The statutory provision regarding the amount in controversy in removal cases was enacted in 2011. It is consistent with the long-standing jurisprudential rule that where a plaintiff has alleged a sum certain that exceeds the requisite amount in controversy “the sum claimed by the plaintiff controls if the claim is apparently made in good faith.” St. Paul Mercury Indemnity Co. v. Red Cab Co., 58 S.Ct. 586, 590 (1938). It is also the general rule that the “jurisdictional facts that support removal must be judged at the time of the removal.” Gebbia v. Wal-Mart Stores, Inc., 233 F.3d 880, 883 (5th Cir. 2000). And a post-removal amendment to a complaint to limit damages for jurisdictional purposes does not strip the district court of subject matter jurisdiction. Allen v. R&H Oil & Gas Co., 63 F.3d 1326, 1336 (5th Cir. 1995); Jones v. Compass BancShares, Inc., 339 Fed.Appx. 410, 410-11 (5th Cir. 2009).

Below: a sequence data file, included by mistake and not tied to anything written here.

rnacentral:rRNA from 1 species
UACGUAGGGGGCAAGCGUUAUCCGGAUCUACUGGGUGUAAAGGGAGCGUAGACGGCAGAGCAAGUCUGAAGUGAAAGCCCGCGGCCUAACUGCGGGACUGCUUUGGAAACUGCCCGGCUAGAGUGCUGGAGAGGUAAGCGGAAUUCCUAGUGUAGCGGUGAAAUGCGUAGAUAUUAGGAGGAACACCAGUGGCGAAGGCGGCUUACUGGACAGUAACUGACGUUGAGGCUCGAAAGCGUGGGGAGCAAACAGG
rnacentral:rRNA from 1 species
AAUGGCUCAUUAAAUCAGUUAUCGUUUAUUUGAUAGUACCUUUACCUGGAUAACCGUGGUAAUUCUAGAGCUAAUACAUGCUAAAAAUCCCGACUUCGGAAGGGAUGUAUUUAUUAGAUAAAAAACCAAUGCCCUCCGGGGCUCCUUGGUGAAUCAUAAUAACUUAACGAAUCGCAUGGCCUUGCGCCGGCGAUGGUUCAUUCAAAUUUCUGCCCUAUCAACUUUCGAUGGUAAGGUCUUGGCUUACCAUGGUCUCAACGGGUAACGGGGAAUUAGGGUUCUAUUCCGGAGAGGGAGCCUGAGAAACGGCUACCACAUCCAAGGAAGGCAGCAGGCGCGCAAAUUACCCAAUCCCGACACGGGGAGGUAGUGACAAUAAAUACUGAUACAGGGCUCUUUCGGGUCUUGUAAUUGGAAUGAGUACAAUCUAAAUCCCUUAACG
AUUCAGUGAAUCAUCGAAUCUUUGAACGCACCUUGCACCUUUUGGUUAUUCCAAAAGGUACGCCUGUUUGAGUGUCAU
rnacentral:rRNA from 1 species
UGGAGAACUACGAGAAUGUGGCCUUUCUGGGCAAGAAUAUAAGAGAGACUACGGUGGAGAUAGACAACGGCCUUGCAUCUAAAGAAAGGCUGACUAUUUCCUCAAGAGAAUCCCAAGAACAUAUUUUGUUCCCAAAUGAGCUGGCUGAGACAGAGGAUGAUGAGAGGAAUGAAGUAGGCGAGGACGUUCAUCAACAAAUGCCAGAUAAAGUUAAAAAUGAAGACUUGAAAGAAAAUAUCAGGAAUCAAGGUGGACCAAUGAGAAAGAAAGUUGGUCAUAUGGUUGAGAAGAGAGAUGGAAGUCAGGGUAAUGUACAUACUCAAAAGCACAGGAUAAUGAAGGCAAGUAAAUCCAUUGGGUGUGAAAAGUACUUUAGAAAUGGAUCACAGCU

If, however, a claim asserted by a plaintiff does not have a good-faith basis, courts have excluded the amount or value of that claim when assessing the amount in controversy. Bailey v. U.S. Fidelity and Guaranty Co., 181 F.3d 96 (5th Cir. 1999) (unpublished) (multi-million dollar claim for punitive damages was frivolous and lacked a good-faith basis necessary to fulfill the amount in controversy requirement); Watring v. SunTrust Mortgage, Inc., 2016 WL 5340548, *4 (N.D.Ga. 2016) (claim that had no basis under state law was not considered in the amount in controversy), and Thomas v. State Farm Mut. Auto Co., 2009 WL 3379063 *2 (S.D. Ga. 2009) (claim for punitive damages was not allowed by state law so it did not enter the amount in controversy calculation). Similarly, a federal court may lack jurisdiction despite a demand made by the plaintiff if it ...